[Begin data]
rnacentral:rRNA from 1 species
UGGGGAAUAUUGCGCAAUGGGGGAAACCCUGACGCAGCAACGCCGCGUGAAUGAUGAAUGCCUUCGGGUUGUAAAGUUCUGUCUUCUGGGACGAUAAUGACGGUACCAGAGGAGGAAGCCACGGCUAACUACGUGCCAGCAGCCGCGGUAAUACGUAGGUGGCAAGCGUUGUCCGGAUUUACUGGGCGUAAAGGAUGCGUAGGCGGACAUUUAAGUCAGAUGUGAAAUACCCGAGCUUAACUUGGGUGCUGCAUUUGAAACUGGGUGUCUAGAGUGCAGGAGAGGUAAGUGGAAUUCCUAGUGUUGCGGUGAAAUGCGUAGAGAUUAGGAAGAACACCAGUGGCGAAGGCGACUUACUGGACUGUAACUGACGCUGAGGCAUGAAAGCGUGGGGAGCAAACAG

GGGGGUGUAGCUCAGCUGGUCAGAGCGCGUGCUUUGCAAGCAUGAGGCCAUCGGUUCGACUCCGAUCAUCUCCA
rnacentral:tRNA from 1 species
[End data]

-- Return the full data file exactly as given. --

rnacentral:rRNA from 1 species
UGGGGAAUAUUGCGCAAUGGGGGAAACCCUGACGCAGCAACGCCGCGUGAAUGAUGAAUGCCUUCGGGUUGUAAAGUUCUGUCUUCUGGGACGAUAAUGACGGUACCAGAGGAGGAAGCCACGGCUAACUACGUGCCAGCAGCCGCGGUAAUACGUAGGUGGCAAGCGUUGUCCGGAUUUACUGGGCGUAAAGGAUGCGUAGGCGGACAUUUAAGUCAGAUGUGAAAUACCCGAGCUUAACUUGGGUGCUGCAUUUGAAACUGGGUGUCUAGAGUGCAGGAGAGGUAAGUGGAAUUCCUAGUGUUGCGGUGAAAUGCGUAGAGAUUAGGAAGAACACCAGUGGCGAAGGCGACUUACUGGACUGUAACUGACGCUGAGGCAUGAAAGCGUGGGGAGCAAACAG

GGGGGUGUAGCUCAGCUGGUCAGAGCGCGUGCUUUGCAAGCAUGAGGCCAUCGGUUCGACUCCGAUCAUCUCCA
rnacentral:tRNA from 1 species